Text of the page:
Study: Doctors’ note-taking habits could hurt Chicago patients

Quality patient care is expected of Chicago health care providers. A correct diagnosis, precise drug prescriptions and careful attention to treatment are all part of doctors’ promised commitments to patients. A medical error in any of these duties could be construed as malpractice and cause harm to patients.

Physicians are also expected to communicate effectively with their patients so that patients understand the illnesses or injuries they face. Clear communication includes proper note-taking by doctors to accurately document patient visits and health concerns. According to a recent study, doctors who dictate or free-text patient notes delivered poorer quality care to patients compared to physicians who used structured note-taking methods.

For the study, researchers gathered information from doctors’ visits for about 7,000 patients who suffered from diabetes and heart disease. The data included reviews of more than 230 doctors using electronic health records and over 188,000 patient visit notes.

Researchers discovered that almost two-thirds of the doctors, 62 percent, took “free-text” notes — a simplified system of note-taking on a single computer window. Nine percent dictated notes into phones, which were later transcribed and entered in electronic medical records. The remaining 29 percent recorded notes methodically using a multi-window format that sectioned patient information into organized categories.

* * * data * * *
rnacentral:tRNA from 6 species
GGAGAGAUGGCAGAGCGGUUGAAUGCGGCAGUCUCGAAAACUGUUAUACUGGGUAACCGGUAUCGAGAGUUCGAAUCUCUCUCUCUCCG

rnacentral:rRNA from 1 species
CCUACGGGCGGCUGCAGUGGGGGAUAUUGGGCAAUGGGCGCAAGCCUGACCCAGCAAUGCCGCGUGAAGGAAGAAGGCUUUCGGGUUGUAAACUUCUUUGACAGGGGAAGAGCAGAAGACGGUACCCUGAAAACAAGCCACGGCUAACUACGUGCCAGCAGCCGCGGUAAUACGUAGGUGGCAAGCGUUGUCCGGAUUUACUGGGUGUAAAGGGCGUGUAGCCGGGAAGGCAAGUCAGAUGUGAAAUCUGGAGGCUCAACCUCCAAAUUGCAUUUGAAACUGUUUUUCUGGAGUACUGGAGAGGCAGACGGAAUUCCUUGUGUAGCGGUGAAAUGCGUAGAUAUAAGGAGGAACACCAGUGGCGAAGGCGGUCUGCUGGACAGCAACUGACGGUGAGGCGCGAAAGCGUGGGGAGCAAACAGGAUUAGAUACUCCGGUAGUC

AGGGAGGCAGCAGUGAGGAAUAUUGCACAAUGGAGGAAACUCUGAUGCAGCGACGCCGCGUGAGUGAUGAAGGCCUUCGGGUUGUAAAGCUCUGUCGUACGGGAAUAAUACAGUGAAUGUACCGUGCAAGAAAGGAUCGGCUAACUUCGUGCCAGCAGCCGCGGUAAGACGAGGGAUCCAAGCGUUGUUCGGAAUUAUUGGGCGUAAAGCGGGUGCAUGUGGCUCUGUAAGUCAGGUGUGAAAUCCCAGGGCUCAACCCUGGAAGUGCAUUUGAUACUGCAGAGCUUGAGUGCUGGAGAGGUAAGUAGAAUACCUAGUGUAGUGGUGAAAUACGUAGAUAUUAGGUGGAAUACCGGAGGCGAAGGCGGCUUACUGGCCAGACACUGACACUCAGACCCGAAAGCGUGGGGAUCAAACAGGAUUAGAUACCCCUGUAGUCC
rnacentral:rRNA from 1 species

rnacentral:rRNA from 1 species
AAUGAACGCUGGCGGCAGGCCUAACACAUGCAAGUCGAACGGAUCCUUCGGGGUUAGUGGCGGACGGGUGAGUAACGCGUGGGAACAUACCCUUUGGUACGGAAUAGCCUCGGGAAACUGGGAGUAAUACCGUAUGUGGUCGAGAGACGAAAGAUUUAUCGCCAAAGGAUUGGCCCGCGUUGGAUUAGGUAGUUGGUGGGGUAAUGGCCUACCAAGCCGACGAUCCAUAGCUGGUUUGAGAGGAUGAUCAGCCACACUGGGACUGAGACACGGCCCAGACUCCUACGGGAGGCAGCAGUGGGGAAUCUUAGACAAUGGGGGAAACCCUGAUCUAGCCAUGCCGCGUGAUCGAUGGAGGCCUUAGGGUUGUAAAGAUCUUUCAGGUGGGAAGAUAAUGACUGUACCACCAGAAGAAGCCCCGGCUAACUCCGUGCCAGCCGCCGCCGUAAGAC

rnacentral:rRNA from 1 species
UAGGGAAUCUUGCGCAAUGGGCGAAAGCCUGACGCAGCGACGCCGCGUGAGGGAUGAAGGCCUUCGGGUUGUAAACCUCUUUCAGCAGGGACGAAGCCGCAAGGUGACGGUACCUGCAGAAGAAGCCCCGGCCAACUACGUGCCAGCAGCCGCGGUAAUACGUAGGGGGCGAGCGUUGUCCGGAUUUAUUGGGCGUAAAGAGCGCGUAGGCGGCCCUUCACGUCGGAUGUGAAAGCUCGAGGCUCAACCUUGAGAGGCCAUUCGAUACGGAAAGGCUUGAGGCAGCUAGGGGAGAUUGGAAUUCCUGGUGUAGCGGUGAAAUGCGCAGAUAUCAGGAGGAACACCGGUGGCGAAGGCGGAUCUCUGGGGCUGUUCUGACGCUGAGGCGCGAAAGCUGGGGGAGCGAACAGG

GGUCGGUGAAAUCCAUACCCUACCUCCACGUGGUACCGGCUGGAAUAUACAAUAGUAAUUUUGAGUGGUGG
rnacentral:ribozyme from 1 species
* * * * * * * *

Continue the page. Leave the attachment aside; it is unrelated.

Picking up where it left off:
Researchers tracked patient charts for 30 days to see whether more than a dozen disease-related “outcome measures” were documented properly. Doctors who recorded electronic notes in a structured format showed a far higher quality of care on three of 15 measures, including blood pressure documentation. Thirty-eight percent of structured note-takers uploaded information about patients’ use of tobacco. Just 22 percent of dictating doctors included patients’ tobacco data.

According to the results of the study, physicians who used dictation were consistently behind in health care quality compared to doctors who updated notes directly into electronic patient records.

Although doctors may prefer a certain method for note-taking, they should always make sure that their notes are accurate and descriptive in order to ensure that patients’ conditions and visits are documented properly. Detailed notes could end up saving a patient’s life.

Source: American Medical News, “Doctors’ EHR note-taking method affects quality of care,” Christine S. Moyer, June 12, 2012


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